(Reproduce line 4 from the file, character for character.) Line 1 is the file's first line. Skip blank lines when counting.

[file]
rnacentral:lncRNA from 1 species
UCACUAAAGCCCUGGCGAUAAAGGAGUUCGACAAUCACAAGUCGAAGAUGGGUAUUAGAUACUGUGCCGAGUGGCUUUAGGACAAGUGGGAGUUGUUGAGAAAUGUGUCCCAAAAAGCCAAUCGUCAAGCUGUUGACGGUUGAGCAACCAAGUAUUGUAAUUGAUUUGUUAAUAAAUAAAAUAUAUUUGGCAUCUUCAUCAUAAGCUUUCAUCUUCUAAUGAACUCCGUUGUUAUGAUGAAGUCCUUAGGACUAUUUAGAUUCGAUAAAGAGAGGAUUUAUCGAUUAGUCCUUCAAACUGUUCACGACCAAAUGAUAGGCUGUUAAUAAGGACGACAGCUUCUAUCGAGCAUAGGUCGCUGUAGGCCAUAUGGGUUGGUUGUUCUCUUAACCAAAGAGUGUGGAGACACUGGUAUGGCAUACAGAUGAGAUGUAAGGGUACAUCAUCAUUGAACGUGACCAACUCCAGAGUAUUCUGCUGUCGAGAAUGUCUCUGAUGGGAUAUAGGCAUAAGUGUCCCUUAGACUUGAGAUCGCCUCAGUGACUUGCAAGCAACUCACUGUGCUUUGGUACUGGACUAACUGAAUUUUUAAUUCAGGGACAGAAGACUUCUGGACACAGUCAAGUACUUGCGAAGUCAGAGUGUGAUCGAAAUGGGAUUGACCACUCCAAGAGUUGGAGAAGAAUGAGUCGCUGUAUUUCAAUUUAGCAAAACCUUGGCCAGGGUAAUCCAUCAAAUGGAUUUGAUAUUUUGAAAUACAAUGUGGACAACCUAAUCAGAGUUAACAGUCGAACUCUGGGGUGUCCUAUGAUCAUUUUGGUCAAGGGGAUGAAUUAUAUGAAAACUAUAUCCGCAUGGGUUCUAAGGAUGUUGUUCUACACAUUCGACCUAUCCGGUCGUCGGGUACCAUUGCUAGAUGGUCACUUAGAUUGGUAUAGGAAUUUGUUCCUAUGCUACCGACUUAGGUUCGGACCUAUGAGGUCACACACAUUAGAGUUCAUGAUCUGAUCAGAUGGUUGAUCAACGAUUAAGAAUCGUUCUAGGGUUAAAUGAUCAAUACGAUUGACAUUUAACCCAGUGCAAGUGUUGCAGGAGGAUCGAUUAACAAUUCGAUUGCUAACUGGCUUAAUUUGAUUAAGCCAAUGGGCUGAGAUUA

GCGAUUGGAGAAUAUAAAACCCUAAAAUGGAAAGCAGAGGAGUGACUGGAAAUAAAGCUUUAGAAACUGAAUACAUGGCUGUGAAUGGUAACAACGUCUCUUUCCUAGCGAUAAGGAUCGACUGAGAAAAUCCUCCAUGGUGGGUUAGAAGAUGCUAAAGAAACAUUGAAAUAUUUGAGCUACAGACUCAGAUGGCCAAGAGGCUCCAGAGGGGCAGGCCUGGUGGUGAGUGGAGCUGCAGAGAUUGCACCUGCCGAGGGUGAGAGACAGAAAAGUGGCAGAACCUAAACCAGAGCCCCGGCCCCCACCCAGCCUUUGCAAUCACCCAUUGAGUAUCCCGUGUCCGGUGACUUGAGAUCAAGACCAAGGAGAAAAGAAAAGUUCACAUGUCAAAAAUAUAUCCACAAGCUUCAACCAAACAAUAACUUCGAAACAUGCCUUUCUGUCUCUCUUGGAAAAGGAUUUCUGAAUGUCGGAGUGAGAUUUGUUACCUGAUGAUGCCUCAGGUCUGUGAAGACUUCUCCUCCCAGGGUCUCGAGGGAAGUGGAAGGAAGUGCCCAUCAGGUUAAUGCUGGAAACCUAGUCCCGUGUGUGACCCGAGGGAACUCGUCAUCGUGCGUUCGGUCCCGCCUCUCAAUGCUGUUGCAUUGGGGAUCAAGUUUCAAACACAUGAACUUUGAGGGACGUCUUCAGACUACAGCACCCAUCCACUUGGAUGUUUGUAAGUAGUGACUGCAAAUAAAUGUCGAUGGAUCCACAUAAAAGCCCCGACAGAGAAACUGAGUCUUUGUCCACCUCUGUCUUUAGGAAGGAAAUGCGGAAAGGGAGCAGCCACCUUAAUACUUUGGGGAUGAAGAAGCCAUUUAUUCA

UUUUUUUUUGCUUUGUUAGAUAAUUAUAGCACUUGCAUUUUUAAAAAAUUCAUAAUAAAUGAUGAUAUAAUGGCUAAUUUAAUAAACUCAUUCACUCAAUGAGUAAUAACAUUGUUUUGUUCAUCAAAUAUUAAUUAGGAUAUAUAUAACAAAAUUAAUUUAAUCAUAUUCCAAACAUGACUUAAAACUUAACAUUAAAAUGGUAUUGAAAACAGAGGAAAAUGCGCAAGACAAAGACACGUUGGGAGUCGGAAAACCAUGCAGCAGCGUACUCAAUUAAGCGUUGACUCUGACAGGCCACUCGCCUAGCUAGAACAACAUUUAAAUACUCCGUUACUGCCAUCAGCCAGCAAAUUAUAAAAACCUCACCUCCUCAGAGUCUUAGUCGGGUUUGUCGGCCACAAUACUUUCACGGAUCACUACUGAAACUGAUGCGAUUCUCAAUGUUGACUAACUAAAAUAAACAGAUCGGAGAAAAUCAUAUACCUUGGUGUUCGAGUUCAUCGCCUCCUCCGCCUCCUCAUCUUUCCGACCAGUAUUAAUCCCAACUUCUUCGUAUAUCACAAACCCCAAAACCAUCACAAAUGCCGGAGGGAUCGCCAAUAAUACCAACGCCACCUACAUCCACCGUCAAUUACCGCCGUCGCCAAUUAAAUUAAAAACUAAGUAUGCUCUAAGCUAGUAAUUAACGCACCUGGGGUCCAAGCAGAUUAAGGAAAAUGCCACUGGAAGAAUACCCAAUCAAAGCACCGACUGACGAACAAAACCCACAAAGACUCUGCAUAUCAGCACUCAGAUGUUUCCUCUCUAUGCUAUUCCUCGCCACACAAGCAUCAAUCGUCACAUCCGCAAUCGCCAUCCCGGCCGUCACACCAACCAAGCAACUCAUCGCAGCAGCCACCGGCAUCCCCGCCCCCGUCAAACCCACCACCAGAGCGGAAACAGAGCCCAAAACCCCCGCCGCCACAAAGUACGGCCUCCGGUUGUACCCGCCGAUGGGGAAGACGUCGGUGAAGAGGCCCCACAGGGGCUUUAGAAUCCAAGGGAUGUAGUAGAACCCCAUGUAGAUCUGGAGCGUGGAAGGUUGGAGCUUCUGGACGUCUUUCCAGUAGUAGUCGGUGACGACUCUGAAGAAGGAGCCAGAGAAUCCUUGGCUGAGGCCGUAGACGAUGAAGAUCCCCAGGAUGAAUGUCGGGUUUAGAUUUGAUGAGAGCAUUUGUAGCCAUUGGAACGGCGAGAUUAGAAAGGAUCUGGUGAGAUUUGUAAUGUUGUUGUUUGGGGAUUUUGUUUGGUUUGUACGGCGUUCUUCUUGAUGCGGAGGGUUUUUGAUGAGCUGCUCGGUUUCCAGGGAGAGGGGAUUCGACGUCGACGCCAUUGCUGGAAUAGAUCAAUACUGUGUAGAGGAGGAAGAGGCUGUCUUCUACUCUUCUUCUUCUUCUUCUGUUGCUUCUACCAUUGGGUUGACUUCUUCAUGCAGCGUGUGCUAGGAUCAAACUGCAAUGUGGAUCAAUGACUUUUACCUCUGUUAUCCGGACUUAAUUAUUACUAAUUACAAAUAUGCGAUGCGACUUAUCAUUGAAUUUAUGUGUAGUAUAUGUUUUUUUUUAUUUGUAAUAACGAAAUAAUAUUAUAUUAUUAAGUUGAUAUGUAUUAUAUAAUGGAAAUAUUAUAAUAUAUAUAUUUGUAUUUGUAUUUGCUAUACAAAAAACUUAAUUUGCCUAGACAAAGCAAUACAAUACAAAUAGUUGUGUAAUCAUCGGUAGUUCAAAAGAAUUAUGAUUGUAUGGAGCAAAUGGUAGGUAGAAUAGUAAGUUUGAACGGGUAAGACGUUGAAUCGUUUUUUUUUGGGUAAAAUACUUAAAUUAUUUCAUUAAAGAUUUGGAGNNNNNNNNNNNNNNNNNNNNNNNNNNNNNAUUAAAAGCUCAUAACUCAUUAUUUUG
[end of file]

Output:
UUUUUUUUUGCUUUGUUAGAUAAUUAUAGCACUUGCAUUUUUAAAAAAUUCAUAAUAAAUGAUGAUAUAAUGGCUAAUUUAAUAAACUCAUUCACUCAAUGAGUAAUAACAUUGUUUUGUUCAUCAAAUAUUAAUUAGGAUAUAUAUAACAAAAUUAAUUUAAUCAUAUUCCAAACAUGACUUAAAACUUAACAUUAAAAUGGUAUUGAAAACAGAGGAAAAUGCGCAAGACAAAGACACGUUGGGAGUCGGAAAACCAUGCAGCAGCGUACUCAAUUAAGCGUUGACUCUGACAGGCCACUCGCCUAGCUAGAACAACAUUUAAAUACUCCGUUACUGCCAUCAGCCAGCAAAUUAUAAAAACCUCACCUCCUCAGAGUCUUAGUCGGGUUUGUCGGCCACAAUACUUUCACGGAUCACUACUGAAACUGAUGCGAUUCUCAAUGUUGACUAACUAAAAUAAACAGAUCGGAGAAAAUCAUAUACCUUGGUGUUCGAGUUCAUCGCCUCCUCCGCCUCCUCAUCUUUCCGACCAGUAUUAAUCCCAACUUCUUCGUAUAUCACAAACCCCAAAACCAUCACAAAUGCCGGAGGGAUCGCCAAUAAUACCAACGCCACCUACAUCCACCGUCAAUUACCGCCGUCGCCAAUUAAAUUAAAAACUAAGUAUGCUCUAAGCUAGUAAUUAACGCACCUGGGGUCCAAGCAGAUUAAGGAAAAUGCCACUGGAAGAAUACCCAAUCAAAGCACCGACUGACGAACAAAACCCACAAAGACUCUGCAUAUCAGCACUCAGAUGUUUCCUCUCUAUGCUAUUCCUCGCCACACAAGCAUCAAUCGUCACAUCCGCAAUCGCCAUCCCGGCCGUCACACCAACCAAGCAACUCAUCGCAGCAGCCACCGGCAUCCCCGCCCCCGUCAAACCCACCACCAGAGCGGAAACAGAGCCCAAAACCCCCGCCGCCACAAAGUACGGCCUCCGGUUGUACCCGCCGAUGGGGAAGACGUCGGUGAAGAGGCCCCACAGGGGCUUUAGAAUCCAAGGGAUGUAGUAGAACCCCAUGUAGAUCUGGAGCGUGGAAGGUUGGAGCUUCUGGACGUCUUUCCAGUAGUAGUCGGUGACGACUCUGAAGAAGGAGCCAGAGAAUCCUUGGCUGAGGCCGUAGACGAUGAAGAUCCCCAGGAUGAAUGUCGGGUUUAGAUUUGAUGAGAGCAUUUGUAGCCAUUGGAACGGCGAGAUUAGAAAGGAUCUGGUGAGAUUUGUAAUGUUGUUGUUUGGGGAUUUUGUUUGGUUUGUACGGCGUUCUUCUUGAUGCGGAGGGUUUUUGAUGAGCUGCUCGGUUUCCAGGGAGAGGGGAUUCGACGUCGACGCCAUUGCUGGAAUAGAUCAAUACUGUGUAGAGGAGGAAGAGGCUGUCUUCUACUCUUCUUCUUCUUCUUCUGUUGCUUCUACCAUUGGGUUGACUUCUUCAUGCAGCGUGUGCUAGGAUCAAACUGCAAUGUGGAUCAAUGACUUUUACCUCUGUUAUCCGGACUUAAUUAUUACUAAUUACAAAUAUGCGAUGCGACUUAUCAUUGAAUUUAUGUGUAGUAUAUGUUUUUUUUUAUUUGUAAUAACGAAAUAAUAUUAUAUUAUUAAGUUGAUAUGUAUUAUAUAAUGGAAAUAUUAUAAUAUAUAUAUUUGUAUUUGUAUUUGCUAUACAAAAAACUUAAUUUGCCUAGACAAAGCAAUACAAUACAAAUAGUUGUGUAAUCAUCGGUAGUUCAAAAGAAUUAUGAUUGUAUGGAGCAAAUGGUAGGUAGAAUAGUAAGUUUGAACGGGUAAGACGUUGAAUCGUUUUUUUUUGGGUAAAAUACUUAAAUUAUUUCAUUAAAGAUUUGGAGNNNNNNNNNNNNNNNNNNNNNNNNNNNNNAUUAAAAGCUCAUAACUCAUUAUUUUG